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Written by 8:12 pm Blog, Securities Fraud Articles

Stifel Nicolaus investigated by SEC over risky investments, CDOs

According the Investment News, Stifel, Nicolaus & Co. and a former executive at the brokerage defrauded five eastern Wisconsin school districts through the sale of $200 million in risky investments that turned out to be a complete bust, securities regulators said.

The St. Louis-based company, along with former senior vice president David Noack, promised the districts that it would take “15 Enrons” or “that 100 of the top 800 companies in the world would have to go under” before the school districts would lose their principal, the Securities and Exchange Commission said in its civil complaint.

Stifel Nicolaus and Mr. Noack knew the school districts didn’t have the sophistication or experience to evaluate the risks of the program they created to fund retiree benefits through investing in notes tied to the performance of synthetic collateralized debt obligations, the SEC said in its suit, filed Wednesday in U.S. district court in Milwaukee.

The SEC in recent months has been cracking down on firms that sell unsuitable, complex products to individual and otherwise unsophisticated investors. Last month, the commission recommended broker-dealers boost disclosure about structured securities products after a sweeping examination of 11 broker-dealers pointed out deficiencies in sales practices.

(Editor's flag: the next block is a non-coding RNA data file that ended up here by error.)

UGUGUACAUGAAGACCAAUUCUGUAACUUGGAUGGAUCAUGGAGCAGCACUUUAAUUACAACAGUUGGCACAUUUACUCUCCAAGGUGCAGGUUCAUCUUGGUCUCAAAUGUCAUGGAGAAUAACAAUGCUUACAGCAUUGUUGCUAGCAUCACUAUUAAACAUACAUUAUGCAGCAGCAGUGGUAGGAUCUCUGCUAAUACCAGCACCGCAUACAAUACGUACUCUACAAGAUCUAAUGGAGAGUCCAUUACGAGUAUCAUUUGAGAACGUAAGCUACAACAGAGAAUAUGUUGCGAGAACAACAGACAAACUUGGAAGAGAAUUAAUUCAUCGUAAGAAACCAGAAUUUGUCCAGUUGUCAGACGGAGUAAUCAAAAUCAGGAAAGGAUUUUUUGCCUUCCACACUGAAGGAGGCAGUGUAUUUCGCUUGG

The regulator alleges that Stifel Nicolaus and Mr. Noack misrepresented the risk of the investments and failed to tell the school districts that the portfolio in the first transaction was performing poorly from the beginning. In fact, the SEC says that certain CDO providers had expressed concerns about the risks of Stifel’s program and declined to participate.

Additionally, reliance on leverage and the structure of the CDOs exposed the districts to “a heightened risk of catastrophic loss,” the commission said. The school districts — Kenosha Unified School District No. 1, Kimberly Area School District, School District of Waukesha, the School district of West Allis-West Milwaukee, and School District of Whitefish Bay — lost their full investment and suffered credit rating downgrades, the SEC said.

Stifel Nicolaus revealed in April that it had received a notice from the SEC that said commission staff planned to recommend civil or administrative action against the firm. Additionally, five Wisconsin school districts named Stifel Nicolaus in a Sept. 2008 lawsuit that alleged fraud and negligence from the $200 million in investments.

As a firm, Stifel has quintupled its revenue since 2005 with nine acquisitions, including Legg Mason Inc.’s capital-markets business and Thomas Weisel Partners Group Inc. It has been discussed as a possible buyer for Regions Financial Corp.’s Morgan Keegan & Co., which itself has been the subject of SEC complaints over sales of sub-prime mortgage-backed securities.

Mr. Noack worked for Stifel Nicolaus from 2000 to 2007. He’s been a registered representative with Robert W. Baird & Co. Inc. in Milwaukee since February 2007, according to broker registration records kept by the Financial Industry Regulatory Authority Inc.

If you have questions about investments you made with Stifel Nicolaus, the securities attorneys of The White Law Group may be able to help. To speak with a securities attorney, please call the firm’s Chicago office at 312/238-9650.

The White Law Group, LLC is a national securities fraud, securities arbitration, investor protection, and securities regulation/compliance law firm with offices in Chicago, Illinois and Boca Raton, Florida.

For more information on The White Law Group, please visit our website at https://whitesecuritieslaw.com.

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